|Publication number||US5264018 A|
|Application number||US 07/981,981|
|Publication date||Nov 23, 1993|
|Filing date||Nov 24, 1992|
|Priority date||Jan 28, 1987|
|Publication number||07981981, 981981, US 5264018 A, US 5264018A, US-A-5264018, US5264018 A, US5264018A|
|Inventors||Stephen Koenigsberg, William A. Farone|
|Original Assignee||Plant Research Laboratories Inc.|
|Export Citation||BiBTeX, EndNote, RefMan|
|Patent Citations (23), Non-Patent Citations (32), Referenced by (80), Classifications (36), Legal Events (8)|
|External Links: USPTO, USPTO Assignment, Espacenet|
RO--(C.sub.2 CH.sub.2 O)--.sub.n SO.sub.3 Na
RCON(CH.sub.3)C.sub.2 H.sub.4 SO.sub.3 Na
RO--(CH.sub.2 CH.sub.2 O)--.sub.n H
This application is a continuation of application Ser. No. 719,340, filed Jun. 21, 1991, and now abandoned which is a continuation-in-part of copending application Ser. No. 455,165, filed Dec. 22, 1989, and now abandoned entitled "Metallic Peroxides as Supplements for Plants, " and a C-I-P of 07/007,573, filed on Jan. 28, 1987, now U.S. Pat. No. 4,791,824, issued on Dec. 20, 1988 and of PCT Application No. PCT/US90/07573, filed Dec. 20, 1990, now WO91/0982 "Peroxides with Enzyme Active Metals as Supplements for Plants."
This invention relates to the use of oxygenation compounds, and mixtures of these oxygenation compounds with phosphates or surfactants, or both, as agents which foster the growth of soil microorganisms that digest pollutants in the soil. In particular, this invention relates to the use of certain metal peroxides or metal peroxide/phosphate/surfactant mixtures (oxygen releasing compounds, or "ORCs") by directly applying the ORC to the soil or blending the ORC with plant nutrients, or other beneficial additives, or both, and then applying to the soil.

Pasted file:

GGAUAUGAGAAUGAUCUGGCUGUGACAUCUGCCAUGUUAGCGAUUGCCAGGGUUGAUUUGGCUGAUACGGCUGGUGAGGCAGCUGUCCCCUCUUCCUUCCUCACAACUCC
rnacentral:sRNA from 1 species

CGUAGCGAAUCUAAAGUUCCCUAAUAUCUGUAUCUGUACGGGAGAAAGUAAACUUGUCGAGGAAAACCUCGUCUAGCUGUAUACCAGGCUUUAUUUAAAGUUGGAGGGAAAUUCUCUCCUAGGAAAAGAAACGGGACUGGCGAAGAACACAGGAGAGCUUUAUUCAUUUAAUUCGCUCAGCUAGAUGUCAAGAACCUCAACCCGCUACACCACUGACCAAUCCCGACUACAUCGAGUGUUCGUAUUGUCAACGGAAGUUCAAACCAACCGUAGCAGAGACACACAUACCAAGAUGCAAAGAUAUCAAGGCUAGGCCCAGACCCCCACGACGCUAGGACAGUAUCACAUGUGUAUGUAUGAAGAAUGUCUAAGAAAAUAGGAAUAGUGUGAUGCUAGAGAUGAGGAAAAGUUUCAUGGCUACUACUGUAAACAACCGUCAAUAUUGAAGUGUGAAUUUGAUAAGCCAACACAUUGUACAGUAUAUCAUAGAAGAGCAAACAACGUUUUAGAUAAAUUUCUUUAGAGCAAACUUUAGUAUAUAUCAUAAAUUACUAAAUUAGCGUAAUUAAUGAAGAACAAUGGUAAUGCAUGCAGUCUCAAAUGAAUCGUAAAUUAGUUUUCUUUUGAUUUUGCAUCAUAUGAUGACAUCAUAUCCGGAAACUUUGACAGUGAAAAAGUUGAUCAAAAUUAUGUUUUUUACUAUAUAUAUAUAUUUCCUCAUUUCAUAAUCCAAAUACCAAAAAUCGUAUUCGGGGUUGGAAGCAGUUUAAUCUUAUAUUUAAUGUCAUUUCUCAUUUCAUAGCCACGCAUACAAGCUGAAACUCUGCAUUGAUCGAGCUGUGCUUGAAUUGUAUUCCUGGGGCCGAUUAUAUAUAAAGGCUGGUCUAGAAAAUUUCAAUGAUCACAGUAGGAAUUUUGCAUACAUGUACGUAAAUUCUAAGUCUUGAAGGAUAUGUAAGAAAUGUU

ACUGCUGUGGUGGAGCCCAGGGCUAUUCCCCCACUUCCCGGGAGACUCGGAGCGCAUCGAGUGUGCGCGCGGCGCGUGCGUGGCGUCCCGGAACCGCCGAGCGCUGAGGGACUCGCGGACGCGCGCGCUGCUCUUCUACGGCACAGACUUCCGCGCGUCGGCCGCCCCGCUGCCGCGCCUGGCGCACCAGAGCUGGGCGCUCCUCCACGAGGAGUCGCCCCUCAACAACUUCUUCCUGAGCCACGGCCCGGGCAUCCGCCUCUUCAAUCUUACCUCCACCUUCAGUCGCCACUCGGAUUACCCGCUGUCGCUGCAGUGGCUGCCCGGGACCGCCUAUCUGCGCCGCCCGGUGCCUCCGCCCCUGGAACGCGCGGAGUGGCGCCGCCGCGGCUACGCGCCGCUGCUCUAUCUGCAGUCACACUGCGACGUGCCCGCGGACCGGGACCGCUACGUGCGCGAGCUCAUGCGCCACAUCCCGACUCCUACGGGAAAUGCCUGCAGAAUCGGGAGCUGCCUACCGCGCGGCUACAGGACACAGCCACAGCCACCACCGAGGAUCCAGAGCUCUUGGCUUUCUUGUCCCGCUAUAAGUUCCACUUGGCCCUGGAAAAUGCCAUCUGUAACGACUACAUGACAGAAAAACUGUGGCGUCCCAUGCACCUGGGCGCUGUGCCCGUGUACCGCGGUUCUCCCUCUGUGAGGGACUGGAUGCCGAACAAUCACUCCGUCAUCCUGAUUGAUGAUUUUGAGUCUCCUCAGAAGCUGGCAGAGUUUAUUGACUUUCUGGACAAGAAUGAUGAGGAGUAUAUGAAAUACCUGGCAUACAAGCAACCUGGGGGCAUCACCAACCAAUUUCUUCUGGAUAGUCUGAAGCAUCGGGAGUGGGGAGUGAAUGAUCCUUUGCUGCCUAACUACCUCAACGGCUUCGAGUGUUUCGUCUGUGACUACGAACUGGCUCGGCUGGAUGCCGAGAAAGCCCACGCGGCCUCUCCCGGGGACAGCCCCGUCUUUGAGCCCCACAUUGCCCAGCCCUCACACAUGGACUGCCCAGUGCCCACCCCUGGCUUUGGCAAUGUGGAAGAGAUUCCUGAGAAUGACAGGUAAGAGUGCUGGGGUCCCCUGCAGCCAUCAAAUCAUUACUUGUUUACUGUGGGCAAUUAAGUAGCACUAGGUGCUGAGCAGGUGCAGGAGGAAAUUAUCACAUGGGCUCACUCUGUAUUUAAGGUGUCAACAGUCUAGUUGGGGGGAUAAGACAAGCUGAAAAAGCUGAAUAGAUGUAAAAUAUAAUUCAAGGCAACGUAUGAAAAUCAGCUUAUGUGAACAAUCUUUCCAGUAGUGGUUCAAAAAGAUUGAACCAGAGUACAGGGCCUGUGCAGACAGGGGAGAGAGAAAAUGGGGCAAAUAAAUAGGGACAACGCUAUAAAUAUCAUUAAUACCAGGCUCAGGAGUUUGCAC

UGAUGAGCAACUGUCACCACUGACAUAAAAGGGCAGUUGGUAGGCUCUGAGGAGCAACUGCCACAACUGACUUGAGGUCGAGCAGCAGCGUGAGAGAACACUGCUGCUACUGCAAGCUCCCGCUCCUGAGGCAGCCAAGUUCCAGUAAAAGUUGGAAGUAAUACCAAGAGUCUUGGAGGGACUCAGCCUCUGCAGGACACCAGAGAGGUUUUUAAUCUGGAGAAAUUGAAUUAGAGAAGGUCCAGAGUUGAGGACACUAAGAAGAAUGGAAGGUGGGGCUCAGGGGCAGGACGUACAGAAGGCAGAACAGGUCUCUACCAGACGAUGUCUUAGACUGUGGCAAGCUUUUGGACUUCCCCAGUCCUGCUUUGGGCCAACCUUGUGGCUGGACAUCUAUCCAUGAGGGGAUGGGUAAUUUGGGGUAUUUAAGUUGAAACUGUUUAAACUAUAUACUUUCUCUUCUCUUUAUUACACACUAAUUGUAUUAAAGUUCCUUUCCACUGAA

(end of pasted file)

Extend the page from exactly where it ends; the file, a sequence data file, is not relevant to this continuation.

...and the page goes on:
Wildlife, water quality and human safety are all threatened by the presence of certain waste chemicals in soil and water supplies. These chemicals are capable of persisting in the environment undisturbed for long periods of time and can be classified as environmental pollutants. Investigators have looked to the degradative capacity of microorganisms in order to harness the ability of some bacteria, fungi and protozoa to break down waste compounds. Typically, such waste compounds are organic chemicals such as hydrocarbons or halocarbons. However, the definition also extends to inorganics including certain toxic ions such as heavy metals and radioisotopes.
Bioremediation refers broadly to the use of microbiological populations to participate in the biodegradation, transformation or sequestration of a given environmental pollutant. In situ biodegradation by microorganisms has been documented in field studies of ponds and soil (J.C. Spain, et al. Appl. Environ. Microbiol., 48:944. 1984), in which bacteria are used to break down organic compounds into carbon dioxide and water. Other soil decontamination procedures include soil washing and thermal treatment. These techniques are only partially satisfactory as some merely relocate the contaminant to an alternative site and others convert the pollutant to another undesirable form. In bioremediation, the organisms use the materials as a food source and convert them into useful or innocuous metabolites. Sometimes they sequester materials, e.g., heavy metals, that can actually be recovered for economic benefit.